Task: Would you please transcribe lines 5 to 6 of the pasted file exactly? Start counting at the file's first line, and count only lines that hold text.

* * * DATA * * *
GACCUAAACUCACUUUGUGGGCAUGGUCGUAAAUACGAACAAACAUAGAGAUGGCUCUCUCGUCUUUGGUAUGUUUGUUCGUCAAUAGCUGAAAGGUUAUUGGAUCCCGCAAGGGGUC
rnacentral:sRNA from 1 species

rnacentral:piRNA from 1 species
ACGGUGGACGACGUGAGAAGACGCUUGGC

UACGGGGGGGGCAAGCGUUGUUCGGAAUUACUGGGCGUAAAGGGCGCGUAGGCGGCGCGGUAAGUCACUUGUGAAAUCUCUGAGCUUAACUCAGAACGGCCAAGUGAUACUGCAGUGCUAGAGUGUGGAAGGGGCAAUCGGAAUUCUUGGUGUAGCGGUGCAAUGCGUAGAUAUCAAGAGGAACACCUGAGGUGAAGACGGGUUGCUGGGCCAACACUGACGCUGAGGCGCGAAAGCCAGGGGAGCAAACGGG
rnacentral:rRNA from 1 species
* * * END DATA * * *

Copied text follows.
UACGGGGGGGGCAAGCGUUGUUCGGAAUUACUGGGCGUAAAGGGCGCGUAGGCGGCGCGGUAAGUCACUUGUGAAAUCUCUGAGCUUAACUCAGAACGGCCAAGUGAUACUGCAGUGCUAGAGUGUGGAAGGGGCAAUCGGAAUUCUUGGUGUAGCGGUGCAAUGCGUAGAUAUCAAGAGGAACACCUGAGGUGAAGACGGGUUGCUGGGCCAACACUGACGCUGAGGCGCGAAAGCCAGGGGAGCAAACGGG
rnacentral:rRNA from 1 species